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Wednesday, October 14, 2015

Study Spotlight: Study Reveals Connection Between Fitness Level, Brain Activity, and Executive Function


We have been told forever how important exercise is to your body and your health.  It helps us maintain our weight and decreases our risk of disease.  We may have also experienced the effect it can have on your mind.  The workout or runners "high" you feel or the moments of clarity after working out are fantastic but are they backed up by science?  This study takes a look at how much better your brain can work on exercise.


What They Did:
Researchers in this study looked at 128 patients ages of 59-80.  With the use of fMRI (functional magnetic resonance imaging) scans they looked at how certain parts of the brain responded when performing two simultaneous tasks compared to a single task.  What they were looking for is what type of response the brain elicited and its correlated with cardio respiratory fitness in that individual.

What They Found:
Researchers found that the higher someones cardio respiratory fitness was they more brain activity on the fMRI.  This also showed up in how well they performed the simultaneous tasks.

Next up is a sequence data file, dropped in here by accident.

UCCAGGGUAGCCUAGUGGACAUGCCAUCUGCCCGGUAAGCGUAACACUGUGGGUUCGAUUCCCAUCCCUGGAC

What It All Means:
This study spotlight comes at a very interesting time as I've been checking out the book "Spark" by John Ratey, MD.  He has dedicated an entire book to outlining the effects of exercise on how the body and the brain works.  The research is out there on how well cardiorespiratory can benefit your brain and help not only function better on a day to day basis but also help with certain conditions (i.e. ADHD) and also slowing down chronic disease.  Exercise is extremely powerful not only in the ability to keep your body functioning but also to help your brain in both function and optimization.  Make sure you're out and doing something.

Wong CN, Chaddock-Heyman L, Voss MW, Burzynska AZ, Basak C, Erickson KI, Prakash RS, Szabo-Reed AN, Phillips SM, Wojcicki T, Mailey EL, McAuley E and Kramer AF (2015) Brain activation during dual-task processing is associated with cardiorespiratory fitness and performance in older adults. Front. Aging Neurosci. 7:154
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